According to FAR (Federal Acquisition Regulations) 31.205-7, a "contingency" is a possible future event or condition arising from presently known or unknown causes, the outcome of which is indeterminable at the present time.
The allowability of costs for contingencies depends upon whether one is addressing historical costs or prospective costs. In the case of historical costs, contingencies are almost never allowable because such costing deals with costs incurred and recorded on a contractor's books. One exception to this rule might be in the case of contract terminations where a contingency factor may be recognized when it is applicable to a past period to give recognition to minor or unsettled factors in the interest of expediting settlement.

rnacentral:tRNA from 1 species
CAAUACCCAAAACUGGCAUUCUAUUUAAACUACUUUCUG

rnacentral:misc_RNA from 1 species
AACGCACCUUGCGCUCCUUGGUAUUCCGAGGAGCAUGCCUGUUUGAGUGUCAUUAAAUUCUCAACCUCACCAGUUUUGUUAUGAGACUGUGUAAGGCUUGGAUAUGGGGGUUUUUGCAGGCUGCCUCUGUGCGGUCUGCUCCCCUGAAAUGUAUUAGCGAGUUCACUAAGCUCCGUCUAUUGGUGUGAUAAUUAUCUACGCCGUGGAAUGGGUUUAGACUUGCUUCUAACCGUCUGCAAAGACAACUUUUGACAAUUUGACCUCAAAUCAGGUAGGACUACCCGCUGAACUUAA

Contingencies included in estimates of future costs are sometimes allowable and sometimes not. If the contingency is based on current conditions and the impact is foreseeable with reasonable limits. An example of this would be a provision for rejects or defective work.
On the other hand, contingencies included in estimates of future costs are unallowable if the contingency is based on known or unknown conditions and the impact cannot be measured accurately enough to provide equitable results to the contractor and to the Government. For example, the outcome of a lawsuit could impact future costs however the outcome of the lawsuit is uncertain as would be the impact on costs.
In practice, estimates for contingencies in proposals are very difficult to support and sustain when negotiating contracts. When proposed, the Government will consistently challenge the cost, requiring contractors to prove that the estimates are based on current conditions and the impact is foreseeable. Where historical costs and trends can be used, contractors have improved chances of sustaining their positions.